Cheri Bustos will seek a fourth term in Congress this year in what has traditionally been a Democratic-leaning 17th District.
Then came Donald Trump.
The Republican nominee upended conventional wisdom in 2016 and snapped a Democratic presidential winning streak by narrowly beating Hillary Clinton.
Bustos, a Democrat who previously worked in journalism and health care fields, was unaffected and easily held her own with a 20-point victory over Republican Patrick Harlan.
But that close presidential race appeared to embolden national Republicans in early 2017 when they announced they’d target Bustos for defeat, one of 36 congressional districts where Trump was thought to be popular.
As the new year dawned, national political analysts suggested the GOP may be overly optimistic. Cook Political Report and Inside Elections rate the 17th District as solidly Democratic while Sabato’s Crystal Ball sees it as likely Democratic.
Bustos has been a reliable anti-Trump vote in Congress, opposing the Republican president nearly 75 percent of the time in 2017. That included opposition to a Republican tax code overhaul that passed on party-line votes, against a bill dismantling consumer protection regulations and against repeal of the Affordable Care Act.
But she’s also critical of her own party for not paying attention to working class voters that Trump tapped into.
“I think the feeling among the working class folks that we are not focusing on what’s important to them,” she said in a CNN interview last month. “Are we talking about making sure that their wages can go up? Are we talking about the strength of the middle class and do we have the policies that support that? Are we acknowledging that their wages are not what they were when we had better times around here?
Bustos is unopposed for renomination. Two Republicans seek their party’s nomination in the March primary.
Mark Kleine, a longtime Galesburg business owner and philanthropist, is making his first run for elective office.
“I have seen what vision and commitment to our local area can do to improve things,” Kleine said in a statement announcing his candidacy. “We need a congressman who has a record of creating jobs, someone who is focused on what we can accomplish together (and) someone who wants to go to Washington, D.C. and work on both sides of the aisle to move our country forward.”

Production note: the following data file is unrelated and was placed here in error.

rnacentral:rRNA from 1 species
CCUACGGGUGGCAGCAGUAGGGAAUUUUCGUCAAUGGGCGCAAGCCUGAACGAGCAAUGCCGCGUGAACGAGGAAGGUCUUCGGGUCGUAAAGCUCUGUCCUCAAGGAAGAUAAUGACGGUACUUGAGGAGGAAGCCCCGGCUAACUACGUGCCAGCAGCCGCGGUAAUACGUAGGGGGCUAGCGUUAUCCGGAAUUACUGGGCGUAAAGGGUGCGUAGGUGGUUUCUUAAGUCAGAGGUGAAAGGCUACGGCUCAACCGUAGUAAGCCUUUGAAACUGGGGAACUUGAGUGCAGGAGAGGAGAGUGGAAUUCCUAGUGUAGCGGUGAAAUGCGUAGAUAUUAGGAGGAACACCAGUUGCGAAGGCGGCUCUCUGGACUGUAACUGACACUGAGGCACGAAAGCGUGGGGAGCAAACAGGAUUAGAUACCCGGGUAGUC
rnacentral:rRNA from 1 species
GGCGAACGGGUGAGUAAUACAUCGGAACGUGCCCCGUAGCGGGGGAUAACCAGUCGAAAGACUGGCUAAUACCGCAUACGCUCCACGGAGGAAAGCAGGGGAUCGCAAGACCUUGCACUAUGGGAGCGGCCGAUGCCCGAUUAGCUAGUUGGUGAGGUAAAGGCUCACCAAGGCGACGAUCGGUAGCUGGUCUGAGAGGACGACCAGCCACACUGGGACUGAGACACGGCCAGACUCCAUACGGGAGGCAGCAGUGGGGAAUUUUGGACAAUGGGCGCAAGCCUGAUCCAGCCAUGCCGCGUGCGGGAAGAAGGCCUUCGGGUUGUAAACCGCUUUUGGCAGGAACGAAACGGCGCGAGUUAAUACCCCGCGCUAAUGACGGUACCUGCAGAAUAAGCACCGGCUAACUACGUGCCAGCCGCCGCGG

Kleine is president of Kleine Companies and a partner in MAK Properties with his wife, Jeannette. He also sits on boards for five local organizations including the OSF St. Mary Medical Center Board and the Knox County Area Partnership for Economic Development Board.
Bill Fawell, who calls himself a “Ron Paul-style Republican” is running on a platform to decentralize the federal government.
“The biggest issue facing America is the abuse of America by our over centralized federal government and its impact upon the nation’s finance, debt, jobs, healthcare and the madness of endless war,” according to a statement on his web site.
Fawell, a 63-year-old real estate broker from Galena, is a member of a DuPage County family of former Republican office holders. He ran for Congress in 2014 as a Libertarian write-in candidate.
The 17th district includes the northwest portion of the state, includes Moline and Rock Island as well as parts of Rockford and extends south to cover a portion of Peoria.
The district includes all or portions of Carroll, Fulton, Henderson, Henry, Jo Daviess, Knox, Mercer, Peoria, Rock Island, Stephenson, Tazewell, Warren and Whiteside counties.
— GOP targets Democrat Bustos in sprawling 17th District —